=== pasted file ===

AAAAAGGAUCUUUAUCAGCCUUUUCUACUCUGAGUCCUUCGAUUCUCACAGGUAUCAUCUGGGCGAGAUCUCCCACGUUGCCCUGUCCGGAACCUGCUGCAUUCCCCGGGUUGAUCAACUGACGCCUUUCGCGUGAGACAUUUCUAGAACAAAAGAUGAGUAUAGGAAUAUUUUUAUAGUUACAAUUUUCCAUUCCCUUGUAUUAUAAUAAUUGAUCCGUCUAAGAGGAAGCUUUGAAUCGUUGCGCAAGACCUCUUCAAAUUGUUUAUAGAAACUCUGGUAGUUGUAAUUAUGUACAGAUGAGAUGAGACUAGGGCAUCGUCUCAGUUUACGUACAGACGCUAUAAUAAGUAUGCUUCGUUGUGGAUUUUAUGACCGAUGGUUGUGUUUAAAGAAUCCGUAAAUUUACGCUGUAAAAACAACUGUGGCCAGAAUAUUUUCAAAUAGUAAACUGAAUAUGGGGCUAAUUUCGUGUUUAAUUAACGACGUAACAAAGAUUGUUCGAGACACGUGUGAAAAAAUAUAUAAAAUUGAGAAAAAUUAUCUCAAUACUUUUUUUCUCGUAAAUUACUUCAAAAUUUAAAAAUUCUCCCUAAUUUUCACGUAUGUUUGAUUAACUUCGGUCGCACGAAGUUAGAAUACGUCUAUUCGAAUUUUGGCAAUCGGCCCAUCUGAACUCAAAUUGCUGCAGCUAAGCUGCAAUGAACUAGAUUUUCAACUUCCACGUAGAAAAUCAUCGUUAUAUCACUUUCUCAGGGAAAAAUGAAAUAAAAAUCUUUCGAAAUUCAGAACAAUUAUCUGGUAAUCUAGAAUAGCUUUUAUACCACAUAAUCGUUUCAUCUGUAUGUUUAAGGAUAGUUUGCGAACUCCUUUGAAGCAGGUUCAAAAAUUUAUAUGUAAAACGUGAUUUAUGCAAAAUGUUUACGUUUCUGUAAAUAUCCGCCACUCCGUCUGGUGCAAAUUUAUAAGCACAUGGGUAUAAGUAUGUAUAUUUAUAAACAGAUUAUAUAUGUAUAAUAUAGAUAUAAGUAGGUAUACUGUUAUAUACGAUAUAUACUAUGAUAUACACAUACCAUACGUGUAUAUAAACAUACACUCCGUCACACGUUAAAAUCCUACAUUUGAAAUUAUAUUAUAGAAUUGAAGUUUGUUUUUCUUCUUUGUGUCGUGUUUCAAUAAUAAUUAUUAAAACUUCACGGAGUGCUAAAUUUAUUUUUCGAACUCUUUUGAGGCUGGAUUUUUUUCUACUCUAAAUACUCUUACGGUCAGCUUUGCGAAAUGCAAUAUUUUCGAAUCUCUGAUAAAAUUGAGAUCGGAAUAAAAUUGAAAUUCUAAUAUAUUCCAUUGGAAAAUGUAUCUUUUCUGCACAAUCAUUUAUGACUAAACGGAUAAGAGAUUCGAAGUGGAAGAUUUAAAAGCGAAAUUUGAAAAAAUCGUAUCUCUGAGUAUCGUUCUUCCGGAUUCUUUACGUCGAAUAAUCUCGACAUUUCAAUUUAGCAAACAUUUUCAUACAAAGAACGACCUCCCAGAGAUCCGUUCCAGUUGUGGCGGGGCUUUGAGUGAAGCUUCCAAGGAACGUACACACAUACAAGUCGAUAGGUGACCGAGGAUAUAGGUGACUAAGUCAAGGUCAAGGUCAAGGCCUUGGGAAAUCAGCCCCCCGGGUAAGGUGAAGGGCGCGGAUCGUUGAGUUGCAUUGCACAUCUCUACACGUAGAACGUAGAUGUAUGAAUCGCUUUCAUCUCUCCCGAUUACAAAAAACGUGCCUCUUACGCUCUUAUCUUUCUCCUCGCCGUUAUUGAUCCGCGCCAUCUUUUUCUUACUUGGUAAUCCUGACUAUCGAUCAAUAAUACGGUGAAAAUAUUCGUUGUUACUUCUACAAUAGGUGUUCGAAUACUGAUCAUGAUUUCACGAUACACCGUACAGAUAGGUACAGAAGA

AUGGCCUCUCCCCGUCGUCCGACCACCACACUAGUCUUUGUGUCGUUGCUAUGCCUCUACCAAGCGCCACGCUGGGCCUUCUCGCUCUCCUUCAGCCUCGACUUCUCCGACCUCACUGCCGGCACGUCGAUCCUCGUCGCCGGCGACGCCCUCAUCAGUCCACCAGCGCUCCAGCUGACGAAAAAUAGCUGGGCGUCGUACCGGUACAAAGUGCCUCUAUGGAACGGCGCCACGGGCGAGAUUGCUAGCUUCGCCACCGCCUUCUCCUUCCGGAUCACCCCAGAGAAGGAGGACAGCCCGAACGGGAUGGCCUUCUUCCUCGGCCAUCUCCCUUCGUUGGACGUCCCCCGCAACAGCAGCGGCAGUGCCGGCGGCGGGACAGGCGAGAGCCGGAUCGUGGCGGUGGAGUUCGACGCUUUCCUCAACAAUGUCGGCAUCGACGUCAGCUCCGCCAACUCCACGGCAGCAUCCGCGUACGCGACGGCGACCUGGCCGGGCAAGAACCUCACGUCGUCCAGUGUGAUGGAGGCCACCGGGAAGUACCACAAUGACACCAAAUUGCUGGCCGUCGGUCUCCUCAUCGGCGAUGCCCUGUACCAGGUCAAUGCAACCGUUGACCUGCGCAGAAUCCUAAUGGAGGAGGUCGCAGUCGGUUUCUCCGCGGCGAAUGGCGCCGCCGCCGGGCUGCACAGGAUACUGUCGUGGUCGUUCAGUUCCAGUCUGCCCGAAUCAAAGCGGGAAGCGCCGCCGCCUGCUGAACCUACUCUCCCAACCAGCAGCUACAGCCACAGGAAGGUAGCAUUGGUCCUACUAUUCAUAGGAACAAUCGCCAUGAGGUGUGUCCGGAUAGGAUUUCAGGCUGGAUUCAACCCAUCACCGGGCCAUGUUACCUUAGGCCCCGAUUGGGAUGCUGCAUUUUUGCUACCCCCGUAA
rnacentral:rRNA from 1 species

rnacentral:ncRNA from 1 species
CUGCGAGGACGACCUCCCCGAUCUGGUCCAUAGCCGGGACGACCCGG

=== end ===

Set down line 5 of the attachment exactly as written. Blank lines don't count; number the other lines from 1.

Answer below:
CUGCGAGGACGACCUCCCCGAUCUGGUCCAUAGCCGGGACGACCCGG